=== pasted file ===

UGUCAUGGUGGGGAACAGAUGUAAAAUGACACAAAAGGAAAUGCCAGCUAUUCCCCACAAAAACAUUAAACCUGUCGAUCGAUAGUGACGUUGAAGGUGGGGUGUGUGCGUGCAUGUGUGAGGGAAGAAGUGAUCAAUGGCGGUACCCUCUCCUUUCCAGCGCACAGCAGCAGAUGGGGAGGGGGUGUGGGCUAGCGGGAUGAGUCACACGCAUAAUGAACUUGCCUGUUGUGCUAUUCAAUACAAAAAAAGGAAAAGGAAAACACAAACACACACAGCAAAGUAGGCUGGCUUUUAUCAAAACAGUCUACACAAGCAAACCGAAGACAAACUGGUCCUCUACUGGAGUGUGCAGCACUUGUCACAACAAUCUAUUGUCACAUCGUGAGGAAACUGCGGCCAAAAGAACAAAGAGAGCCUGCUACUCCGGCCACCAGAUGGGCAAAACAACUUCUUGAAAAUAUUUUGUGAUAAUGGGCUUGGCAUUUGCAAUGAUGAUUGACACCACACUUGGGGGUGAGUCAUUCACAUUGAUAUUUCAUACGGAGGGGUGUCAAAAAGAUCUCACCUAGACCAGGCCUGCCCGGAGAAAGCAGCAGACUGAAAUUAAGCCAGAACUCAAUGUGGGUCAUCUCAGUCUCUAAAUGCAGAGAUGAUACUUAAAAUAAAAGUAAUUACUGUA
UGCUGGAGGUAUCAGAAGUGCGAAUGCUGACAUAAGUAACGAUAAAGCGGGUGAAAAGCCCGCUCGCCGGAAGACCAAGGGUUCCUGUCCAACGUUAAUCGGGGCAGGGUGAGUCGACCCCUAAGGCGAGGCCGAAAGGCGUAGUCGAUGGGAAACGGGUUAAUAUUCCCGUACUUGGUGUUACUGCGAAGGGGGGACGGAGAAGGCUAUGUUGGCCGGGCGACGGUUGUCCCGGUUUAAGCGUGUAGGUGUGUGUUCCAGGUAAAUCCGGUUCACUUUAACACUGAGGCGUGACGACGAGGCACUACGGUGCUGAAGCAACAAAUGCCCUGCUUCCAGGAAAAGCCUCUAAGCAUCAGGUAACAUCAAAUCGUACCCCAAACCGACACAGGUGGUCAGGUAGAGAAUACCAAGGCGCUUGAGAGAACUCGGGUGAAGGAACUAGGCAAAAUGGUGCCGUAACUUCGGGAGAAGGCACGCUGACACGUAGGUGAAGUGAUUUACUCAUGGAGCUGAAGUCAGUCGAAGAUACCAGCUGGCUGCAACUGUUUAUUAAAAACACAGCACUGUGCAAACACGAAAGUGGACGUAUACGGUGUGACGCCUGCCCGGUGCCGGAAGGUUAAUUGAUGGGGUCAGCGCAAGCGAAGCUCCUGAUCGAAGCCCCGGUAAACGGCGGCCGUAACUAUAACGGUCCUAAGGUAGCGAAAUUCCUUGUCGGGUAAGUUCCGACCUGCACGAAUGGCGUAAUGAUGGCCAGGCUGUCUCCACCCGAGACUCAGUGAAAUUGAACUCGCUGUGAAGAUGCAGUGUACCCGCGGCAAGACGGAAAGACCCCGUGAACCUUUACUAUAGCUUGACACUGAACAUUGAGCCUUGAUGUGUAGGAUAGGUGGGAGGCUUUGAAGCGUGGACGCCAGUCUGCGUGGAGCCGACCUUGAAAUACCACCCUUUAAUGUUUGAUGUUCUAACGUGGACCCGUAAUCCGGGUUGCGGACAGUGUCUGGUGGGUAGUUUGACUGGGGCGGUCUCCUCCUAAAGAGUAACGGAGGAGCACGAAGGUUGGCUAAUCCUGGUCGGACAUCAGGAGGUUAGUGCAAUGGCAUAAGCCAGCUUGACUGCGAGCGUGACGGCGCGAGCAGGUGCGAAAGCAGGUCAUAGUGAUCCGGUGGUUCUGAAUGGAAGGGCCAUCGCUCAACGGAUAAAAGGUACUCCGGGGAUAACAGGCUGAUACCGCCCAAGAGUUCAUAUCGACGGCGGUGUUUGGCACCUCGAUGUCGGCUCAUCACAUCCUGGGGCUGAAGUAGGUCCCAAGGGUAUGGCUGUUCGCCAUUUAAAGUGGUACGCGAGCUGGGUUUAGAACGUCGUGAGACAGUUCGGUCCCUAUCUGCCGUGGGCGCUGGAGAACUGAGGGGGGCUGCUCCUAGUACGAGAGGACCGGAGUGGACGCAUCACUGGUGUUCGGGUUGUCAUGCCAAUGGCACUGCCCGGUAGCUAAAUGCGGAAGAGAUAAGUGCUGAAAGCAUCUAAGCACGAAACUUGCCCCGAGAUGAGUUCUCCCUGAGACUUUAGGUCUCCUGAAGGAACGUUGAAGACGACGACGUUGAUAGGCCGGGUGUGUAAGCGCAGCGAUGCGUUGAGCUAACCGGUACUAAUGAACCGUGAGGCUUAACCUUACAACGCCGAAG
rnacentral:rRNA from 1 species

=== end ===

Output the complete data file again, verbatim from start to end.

UGUCAUGGUGGGGAACAGAUGUAAAAUGACACAAAAGGAAAUGCCAGCUAUUCCCCACAAAAACAUUAAACCUGUCGAUCGAUAGUGACGUUGAAGGUGGGGUGUGUGCGUGCAUGUGUGAGGGAAGAAGUGAUCAAUGGCGGUACCCUCUCCUUUCCAGCGCACAGCAGCAGAUGGGGAGGGGGUGUGGGCUAGCGGGAUGAGUCACACGCAUAAUGAACUUGCCUGUUGUGCUAUUCAAUACAAAAAAAGGAAAAGGAAAACACAAACACACACAGCAAAGUAGGCUGGCUUUUAUCAAAACAGUCUACACAAGCAAACCGAAGACAAACUGGUCCUCUACUGGAGUGUGCAGCACUUGUCACAACAAUCUAUUGUCACAUCGUGAGGAAACUGCGGCCAAAAGAACAAAGAGAGCCUGCUACUCCGGCCACCAGAUGGGCAAAACAACUUCUUGAAAAUAUUUUGUGAUAAUGGGCUUGGCAUUUGCAAUGAUGAUUGACACCACACUUGGGGGUGAGUCAUUCACAUUGAUAUUUCAUACGGAGGGGUGUCAAAAAGAUCUCACCUAGACCAGGCCUGCCCGGAGAAAGCAGCAGACUGAAAUUAAGCCAGAACUCAAUGUGGGUCAUCUCAGUCUCUAAAUGCAGAGAUGAUACUUAAAAUAAAAGUAAUUACUGUA
UGCUGGAGGUAUCAGAAGUGCGAAUGCUGACAUAAGUAACGAUAAAGCGGGUGAAAAGCCCGCUCGCCGGAAGACCAAGGGUUCCUGUCCAACGUUAAUCGGGGCAGGGUGAGUCGACCCCUAAGGCGAGGCCGAAAGGCGUAGUCGAUGGGAAACGGGUUAAUAUUCCCGUACUUGGUGUUACUGCGAAGGGGGGACGGAGAAGGCUAUGUUGGCCGGGCGACGGUUGUCCCGGUUUAAGCGUGUAGGUGUGUGUUCCAGGUAAAUCCGGUUCACUUUAACACUGAGGCGUGACGACGAGGCACUACGGUGCUGAAGCAACAAAUGCCCUGCUUCCAGGAAAAGCCUCUAAGCAUCAGGUAACAUCAAAUCGUACCCCAAACCGACACAGGUGGUCAGGUAGAGAAUACCAAGGCGCUUGAGAGAACUCGGGUGAAGGAACUAGGCAAAAUGGUGCCGUAACUUCGGGAGAAGGCACGCUGACACGUAGGUGAAGUGAUUUACUCAUGGAGCUGAAGUCAGUCGAAGAUACCAGCUGGCUGCAACUGUUUAUUAAAAACACAGCACUGUGCAAACACGAAAGUGGACGUAUACGGUGUGACGCCUGCCCGGUGCCGGAAGGUUAAUUGAUGGGGUCAGCGCAAGCGAAGCUCCUGAUCGAAGCCCCGGUAAACGGCGGCCGUAACUAUAACGGUCCUAAGGUAGCGAAAUUCCUUGUCGGGUAAGUUCCGACCUGCACGAAUGGCGUAAUGAUGGCCAGGCUGUCUCCACCCGAGACUCAGUGAAAUUGAACUCGCUGUGAAGAUGCAGUGUACCCGCGGCAAGACGGAAAGACCCCGUGAACCUUUACUAUAGCUUGACACUGAACAUUGAGCCUUGAUGUGUAGGAUAGGUGGGAGGCUUUGAAGCGUGGACGCCAGUCUGCGUGGAGCCGACCUUGAAAUACCACCCUUUAAUGUUUGAUGUUCUAACGUGGACCCGUAAUCCGGGUUGCGGACAGUGUCUGGUGGGUAGUUUGACUGGGGCGGUCUCCUCCUAAAGAGUAACGGAGGAGCACGAAGGUUGGCUAAUCCUGGUCGGACAUCAGGAGGUUAGUGCAAUGGCAUAAGCCAGCUUGACUGCGAGCGUGACGGCGCGAGCAGGUGCGAAAGCAGGUCAUAGUGAUCCGGUGGUUCUGAAUGGAAGGGCCAUCGCUCAACGGAUAAAAGGUACUCCGGGGAUAACAGGCUGAUACCGCCCAAGAGUUCAUAUCGACGGCGGUGUUUGGCACCUCGAUGUCGGCUCAUCACAUCCUGGGGCUGAAGUAGGUCCCAAGGGUAUGGCUGUUCGCCAUUUAAAGUGGUACGCGAGCUGGGUUUAGAACGUCGUGAGACAGUUCGGUCCCUAUCUGCCGUGGGCGCUGGAGAACUGAGGGGGGCUGCUCCUAGUACGAGAGGACCGGAGUGGACGCAUCACUGGUGUUCGGGUUGUCAUGCCAAUGGCACUGCCCGGUAGCUAAAUGCGGAAGAGAUAAGUGCUGAAAGCAUCUAAGCACGAAACUUGCCCCGAGAUGAGUUCUCCCUGAGACUUUAGGUCUCCUGAAGGAACGUUGAAGACGACGACGUUGAUAGGCCGGGUGUGUAAGCGCAGCGAUGCGUUGAGCUAACCGGUACUAAUGAACCGUGAGGCUUAACCUUACAACGCCGAAG
rnacentral:rRNA from 1 species